How much of these are hyperbole? For a start, this is not the country or economy bequeathed to the APC government in 2015. Nigerians wanted a sane country better than what the then president had capacity and courage to engineer. But his successor, this government, has made it worse and keeps getting it ruined on all fronts. Numbers don’t lie. PMS per litre is N160. It is at a time electricity tariff doubled from N30.23 kWh to N62.35 kWh. Naira to one dollar is at N460 from N165 in 2015. Value Added Tax (VAT) is now 7.5 per cent. Banks impose N50 stamp duty, while reducing interests on savings from three to one per cent. A bag of local rice is N25, 000, and N31, 000 for its smuggled imported variant. Food inflation is now 17.3 per cent.
It should therefore not surprise anyone that Tradermoni scheme beneficiaries are unable to repay the N10, 000 loans, as reported the other day. They are petty businesses that didn’t foresee that their benefactor would raise the bar midway and drain off the investment with wicked policies. Buhari/Osinbajo’s antidote for hardship is more hardships. More people are out of jobs than the one-million-jobs a year this government promised but never kept since 2015. Yet, beleaguered Nigerians need to be squeezed off their meagre earnings to build infrastructure and empower both the greed and kleptomaniac disposition of the political class? So, how come this government has in five years borrowed more than others?
No matter what Buhari’s apple-polishers say, this country has taken turns for the worst. No amount of lies from official brownnosers will wish away the pains inflicted on Nigerians. Former president Olusegun Obasanjo likened the country to a basket case (I think it is ajadi-apere), and they have abusively taken on Baba Iyabo, the letter writer, conveniently forgetting the message. The United States think-tank and the Fund for Peace recently ranked Nigeria 15th most failed nation in the world. No official comment. A national daily last week reported that 264 Nigerians have committed suicide in the last four years. Just one in every five suicides gets reported. No comment too, because those are the grim realities of our lives.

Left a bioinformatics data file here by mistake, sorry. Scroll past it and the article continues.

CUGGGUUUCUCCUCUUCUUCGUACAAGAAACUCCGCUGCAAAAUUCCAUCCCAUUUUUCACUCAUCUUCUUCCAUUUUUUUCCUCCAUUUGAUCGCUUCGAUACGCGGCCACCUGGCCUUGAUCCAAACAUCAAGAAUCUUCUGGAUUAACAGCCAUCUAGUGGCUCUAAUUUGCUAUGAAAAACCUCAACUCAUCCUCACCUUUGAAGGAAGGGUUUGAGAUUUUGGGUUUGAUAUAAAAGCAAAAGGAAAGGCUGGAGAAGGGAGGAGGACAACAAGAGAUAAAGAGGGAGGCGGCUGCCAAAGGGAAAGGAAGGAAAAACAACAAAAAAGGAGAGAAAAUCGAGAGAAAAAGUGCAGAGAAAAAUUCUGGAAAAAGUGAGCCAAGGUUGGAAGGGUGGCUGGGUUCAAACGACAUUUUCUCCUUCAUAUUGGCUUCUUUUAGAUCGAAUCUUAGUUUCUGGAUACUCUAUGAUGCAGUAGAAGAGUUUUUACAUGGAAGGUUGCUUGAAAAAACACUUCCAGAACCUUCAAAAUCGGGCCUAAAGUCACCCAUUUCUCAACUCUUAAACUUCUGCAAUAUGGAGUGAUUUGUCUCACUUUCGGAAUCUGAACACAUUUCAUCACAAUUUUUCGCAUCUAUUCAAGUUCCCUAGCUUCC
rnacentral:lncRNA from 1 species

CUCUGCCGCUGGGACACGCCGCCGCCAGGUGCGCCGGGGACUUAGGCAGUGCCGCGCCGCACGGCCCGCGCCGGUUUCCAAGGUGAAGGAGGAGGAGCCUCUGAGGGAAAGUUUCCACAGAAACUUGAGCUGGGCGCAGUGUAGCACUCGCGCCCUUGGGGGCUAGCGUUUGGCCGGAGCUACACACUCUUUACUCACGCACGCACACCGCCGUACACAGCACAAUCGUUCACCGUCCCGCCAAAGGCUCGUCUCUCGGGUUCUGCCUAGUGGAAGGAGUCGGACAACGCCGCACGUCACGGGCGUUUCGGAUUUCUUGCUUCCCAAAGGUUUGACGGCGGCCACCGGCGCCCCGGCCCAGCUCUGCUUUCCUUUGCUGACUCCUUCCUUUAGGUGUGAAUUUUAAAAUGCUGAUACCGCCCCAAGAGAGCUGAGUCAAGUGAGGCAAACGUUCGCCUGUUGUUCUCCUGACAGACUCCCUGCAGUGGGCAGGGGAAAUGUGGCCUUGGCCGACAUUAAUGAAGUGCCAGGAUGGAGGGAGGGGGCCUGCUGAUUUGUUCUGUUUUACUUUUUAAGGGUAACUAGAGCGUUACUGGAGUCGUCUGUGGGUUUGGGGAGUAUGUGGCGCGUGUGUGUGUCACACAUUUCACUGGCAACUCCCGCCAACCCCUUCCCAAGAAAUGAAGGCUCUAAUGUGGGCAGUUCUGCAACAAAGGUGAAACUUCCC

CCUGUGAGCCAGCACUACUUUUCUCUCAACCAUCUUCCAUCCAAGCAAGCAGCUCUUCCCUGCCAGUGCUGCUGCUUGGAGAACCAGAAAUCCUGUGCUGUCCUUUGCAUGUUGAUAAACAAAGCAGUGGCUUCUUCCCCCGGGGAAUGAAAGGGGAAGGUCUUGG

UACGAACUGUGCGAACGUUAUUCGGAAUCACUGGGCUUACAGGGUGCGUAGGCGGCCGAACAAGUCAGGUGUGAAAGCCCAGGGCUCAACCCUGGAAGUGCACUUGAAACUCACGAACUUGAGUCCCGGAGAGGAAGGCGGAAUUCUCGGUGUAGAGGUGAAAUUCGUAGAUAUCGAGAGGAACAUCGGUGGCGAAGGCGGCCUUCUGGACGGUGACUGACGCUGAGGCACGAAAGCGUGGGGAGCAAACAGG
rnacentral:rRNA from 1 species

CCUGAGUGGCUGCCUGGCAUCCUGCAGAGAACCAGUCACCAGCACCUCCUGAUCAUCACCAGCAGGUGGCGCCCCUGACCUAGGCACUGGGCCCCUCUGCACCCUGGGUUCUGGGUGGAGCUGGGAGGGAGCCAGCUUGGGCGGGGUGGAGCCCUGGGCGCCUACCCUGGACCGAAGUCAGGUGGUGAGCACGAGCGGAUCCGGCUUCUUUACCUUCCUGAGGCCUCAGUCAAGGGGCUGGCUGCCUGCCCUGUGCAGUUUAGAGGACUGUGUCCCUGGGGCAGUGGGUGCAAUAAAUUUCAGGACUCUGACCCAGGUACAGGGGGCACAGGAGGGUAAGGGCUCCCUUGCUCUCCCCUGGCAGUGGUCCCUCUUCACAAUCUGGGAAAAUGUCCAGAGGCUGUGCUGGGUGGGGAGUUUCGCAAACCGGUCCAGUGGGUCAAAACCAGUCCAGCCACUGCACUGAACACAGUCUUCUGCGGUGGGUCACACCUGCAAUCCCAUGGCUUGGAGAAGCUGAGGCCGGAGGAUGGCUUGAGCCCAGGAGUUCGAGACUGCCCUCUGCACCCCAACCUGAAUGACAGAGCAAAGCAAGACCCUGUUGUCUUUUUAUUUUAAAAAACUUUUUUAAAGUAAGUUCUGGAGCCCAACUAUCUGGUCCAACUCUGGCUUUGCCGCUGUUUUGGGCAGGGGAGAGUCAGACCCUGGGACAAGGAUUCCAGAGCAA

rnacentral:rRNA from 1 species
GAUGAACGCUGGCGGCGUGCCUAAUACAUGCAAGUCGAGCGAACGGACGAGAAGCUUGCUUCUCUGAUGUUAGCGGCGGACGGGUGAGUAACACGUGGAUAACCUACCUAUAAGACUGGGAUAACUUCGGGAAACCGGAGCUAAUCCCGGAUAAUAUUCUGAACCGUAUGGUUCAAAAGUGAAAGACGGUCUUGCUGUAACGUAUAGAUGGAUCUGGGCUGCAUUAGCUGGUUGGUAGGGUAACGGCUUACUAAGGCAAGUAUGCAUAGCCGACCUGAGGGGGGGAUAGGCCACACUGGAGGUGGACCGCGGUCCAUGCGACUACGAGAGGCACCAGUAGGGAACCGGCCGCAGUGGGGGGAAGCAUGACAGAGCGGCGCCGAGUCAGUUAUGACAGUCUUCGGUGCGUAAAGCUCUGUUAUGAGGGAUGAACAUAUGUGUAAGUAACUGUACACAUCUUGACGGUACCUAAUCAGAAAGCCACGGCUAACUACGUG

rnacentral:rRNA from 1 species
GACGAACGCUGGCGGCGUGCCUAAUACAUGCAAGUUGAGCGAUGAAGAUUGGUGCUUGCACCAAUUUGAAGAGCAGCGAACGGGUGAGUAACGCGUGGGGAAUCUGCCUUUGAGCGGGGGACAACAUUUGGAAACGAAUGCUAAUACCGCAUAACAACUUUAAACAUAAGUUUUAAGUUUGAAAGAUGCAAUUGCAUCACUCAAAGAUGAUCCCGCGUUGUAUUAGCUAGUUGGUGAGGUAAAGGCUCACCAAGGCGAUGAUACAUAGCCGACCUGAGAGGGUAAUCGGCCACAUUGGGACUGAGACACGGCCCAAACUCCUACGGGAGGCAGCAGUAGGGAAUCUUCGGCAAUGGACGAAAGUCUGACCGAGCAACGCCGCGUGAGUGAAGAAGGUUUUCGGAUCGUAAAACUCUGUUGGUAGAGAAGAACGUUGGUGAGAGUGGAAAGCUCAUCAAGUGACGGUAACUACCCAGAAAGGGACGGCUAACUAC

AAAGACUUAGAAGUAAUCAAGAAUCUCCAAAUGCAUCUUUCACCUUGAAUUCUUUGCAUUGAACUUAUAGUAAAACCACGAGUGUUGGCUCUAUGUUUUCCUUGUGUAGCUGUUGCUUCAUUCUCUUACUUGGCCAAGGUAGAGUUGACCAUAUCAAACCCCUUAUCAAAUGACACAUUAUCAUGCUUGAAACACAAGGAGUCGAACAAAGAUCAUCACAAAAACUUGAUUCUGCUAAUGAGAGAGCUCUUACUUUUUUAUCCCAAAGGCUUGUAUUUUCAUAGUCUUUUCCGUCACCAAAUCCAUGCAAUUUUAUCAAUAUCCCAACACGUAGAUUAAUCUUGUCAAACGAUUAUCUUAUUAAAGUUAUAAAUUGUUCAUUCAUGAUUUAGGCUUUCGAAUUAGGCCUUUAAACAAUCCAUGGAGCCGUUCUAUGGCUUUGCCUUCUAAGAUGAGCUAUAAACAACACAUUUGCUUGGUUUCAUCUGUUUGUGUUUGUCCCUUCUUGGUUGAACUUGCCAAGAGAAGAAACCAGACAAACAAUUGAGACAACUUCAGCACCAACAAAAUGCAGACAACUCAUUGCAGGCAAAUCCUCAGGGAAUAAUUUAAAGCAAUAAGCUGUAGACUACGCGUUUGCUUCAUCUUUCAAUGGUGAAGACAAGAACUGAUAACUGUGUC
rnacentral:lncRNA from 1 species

A country that inspires despair and suicide cannot instigate hope and lofty dreams at the same time. For those that will ideally not contemplate suicide and still have their dreams intact, they have to salvage them from abortion. It is a shame on all our leaders that the best option left for thinking Nigerians is to exit this country. Not everyone is fascinated with second-class citizenry in Europe or America. But where people they entrust with their lives would not even care but get oppressive, then a caricature of hope elsewhere will be most welcome. If there is hope here, all children of our leaders will not be overseas.
It is important to state that the task of nation building is enormous. And it begins with taking responsibility for every action or inaction. Like it is in medical practice, statecraft has its rules too. It demands courage and skills to surgically operate the ills causing the society to be dysfunctional, without killing the patient. Like the nurse, there must be an honest admission of ills, with the zeal to make quick amends than rationalise it in compassionless tones. Only that way could we claim to have faithfully served man, humanity and God. But in the interim, we all have our dreams to salvage from the hands of these abortionists. Ire o!